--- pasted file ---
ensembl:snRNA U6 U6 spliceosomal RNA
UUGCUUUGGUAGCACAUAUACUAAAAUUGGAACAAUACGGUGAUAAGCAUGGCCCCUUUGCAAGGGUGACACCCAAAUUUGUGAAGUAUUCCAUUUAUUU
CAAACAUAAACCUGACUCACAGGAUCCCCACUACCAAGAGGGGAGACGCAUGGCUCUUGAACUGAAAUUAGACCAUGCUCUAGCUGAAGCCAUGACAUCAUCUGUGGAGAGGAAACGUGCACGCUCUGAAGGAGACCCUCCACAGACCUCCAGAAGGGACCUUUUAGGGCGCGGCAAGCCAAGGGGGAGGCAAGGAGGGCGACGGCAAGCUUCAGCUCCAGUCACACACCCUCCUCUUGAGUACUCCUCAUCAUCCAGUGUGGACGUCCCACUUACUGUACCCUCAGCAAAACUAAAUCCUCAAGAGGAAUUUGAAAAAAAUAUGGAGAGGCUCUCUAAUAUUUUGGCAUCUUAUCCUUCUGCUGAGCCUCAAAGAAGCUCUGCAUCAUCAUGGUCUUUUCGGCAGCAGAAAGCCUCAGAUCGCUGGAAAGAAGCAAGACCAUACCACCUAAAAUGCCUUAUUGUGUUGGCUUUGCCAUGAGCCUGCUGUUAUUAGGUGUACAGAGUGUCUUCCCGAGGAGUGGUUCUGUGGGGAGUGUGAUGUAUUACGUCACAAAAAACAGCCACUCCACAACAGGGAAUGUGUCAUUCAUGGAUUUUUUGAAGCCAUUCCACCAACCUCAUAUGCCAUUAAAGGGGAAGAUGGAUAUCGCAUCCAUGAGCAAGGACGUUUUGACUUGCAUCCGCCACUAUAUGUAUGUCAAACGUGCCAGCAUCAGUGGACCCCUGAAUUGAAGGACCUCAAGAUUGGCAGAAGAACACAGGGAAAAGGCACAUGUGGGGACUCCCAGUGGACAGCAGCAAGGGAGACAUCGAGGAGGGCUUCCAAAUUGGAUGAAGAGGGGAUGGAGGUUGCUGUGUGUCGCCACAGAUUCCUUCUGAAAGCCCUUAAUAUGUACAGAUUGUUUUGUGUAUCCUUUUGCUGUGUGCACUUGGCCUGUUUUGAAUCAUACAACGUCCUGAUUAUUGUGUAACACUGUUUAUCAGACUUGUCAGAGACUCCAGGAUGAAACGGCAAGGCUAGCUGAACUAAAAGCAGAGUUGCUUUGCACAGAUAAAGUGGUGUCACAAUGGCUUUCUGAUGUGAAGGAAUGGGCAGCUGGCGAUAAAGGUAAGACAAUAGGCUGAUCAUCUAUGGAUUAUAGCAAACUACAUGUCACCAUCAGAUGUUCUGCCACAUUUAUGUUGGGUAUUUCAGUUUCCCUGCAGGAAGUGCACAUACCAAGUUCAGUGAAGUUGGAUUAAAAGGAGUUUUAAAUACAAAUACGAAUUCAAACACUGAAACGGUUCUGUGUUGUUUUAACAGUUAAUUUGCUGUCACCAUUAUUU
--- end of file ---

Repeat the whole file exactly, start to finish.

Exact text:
ensembl:snRNA U6 U6 spliceosomal RNA
UUGCUUUGGUAGCACAUAUACUAAAAUUGGAACAAUACGGUGAUAAGCAUGGCCCCUUUGCAAGGGUGACACCCAAAUUUGUGAAGUAUUCCAUUUAUUU
CAAACAUAAACCUGACUCACAGGAUCCCCACUACCAAGAGGGGAGACGCAUGGCUCUUGAACUGAAAUUAGACCAUGCUCUAGCUGAAGCCAUGACAUCAUCUGUGGAGAGGAAACGUGCACGCUCUGAAGGAGACCCUCCACAGACCUCCAGAAGGGACCUUUUAGGGCGCGGCAAGCCAAGGGGGAGGCAAGGAGGGCGACGGCAAGCUUCAGCUCCAGUCACACACCCUCCUCUUGAGUACUCCUCAUCAUCCAGUGUGGACGUCCCACUUACUGUACCCUCAGCAAAACUAAAUCCUCAAGAGGAAUUUGAAAAAAAUAUGGAGAGGCUCUCUAAUAUUUUGGCAUCUUAUCCUUCUGCUGAGCCUCAAAGAAGCUCUGCAUCAUCAUGGUCUUUUCGGCAGCAGAAAGCCUCAGAUCGCUGGAAAGAAGCAAGACCAUACCACCUAAAAUGCCUUAUUGUGUUGGCUUUGCCAUGAGCCUGCUGUUAUUAGGUGUACAGAGUGUCUUCCCGAGGAGUGGUUCUGUGGGGAGUGUGAUGUAUUACGUCACAAAAAACAGCCACUCCACAACAGGGAAUGUGUCAUUCAUGGAUUUUUUGAAGCCAUUCCACCAACCUCAUAUGCCAUUAAAGGGGAAGAUGGAUAUCGCAUCCAUGAGCAAGGACGUUUUGACUUGCAUCCGCCACUAUAUGUAUGUCAAACGUGCCAGCAUCAGUGGACCCCUGAAUUGAAGGACCUCAAGAUUGGCAGAAGAACACAGGGAAAAGGCACAUGUGGGGACUCCCAGUGGACAGCAGCAAGGGAGACAUCGAGGAGGGCUUCCAAAUUGGAUGAAGAGGGGAUGGAGGUUGCUGUGUGUCGCCACAGAUUCCUUCUGAAAGCCCUUAAUAUGUACAGAUUGUUUUGUGUAUCCUUUUGCUGUGUGCACUUGGCCUGUUUUGAAUCAUACAACGUCCUGAUUAUUGUGUAACACUGUUUAUCAGACUUGUCAGAGACUCCAGGAUGAAACGGCAAGGCUAGCUGAACUAAAAGCAGAGUUGCUUUGCACAGAUAAAGUGGUGUCACAAUGGCUUUCUGAUGUGAAGGAAUGGGCAGCUGGCGAUAAAGGUAAGACAAUAGGCUGAUCAUCUAUGGAUUAUAGCAAACUACAUGUCACCAUCAGAUGUUCUGCCACAUUUAUGUUGGGUAUUUCAGUUUCCCUGCAGGAAGUGCACAUACCAAGUUCAGUGAAGUUGGAUUAAAAGGAGUUUUAAAUACAAAUACGAAUUCAAACACUGAAACGGUUCUGUGUUGUUUUAACAGUUAAUUUGCUGUCACCAUUAUUU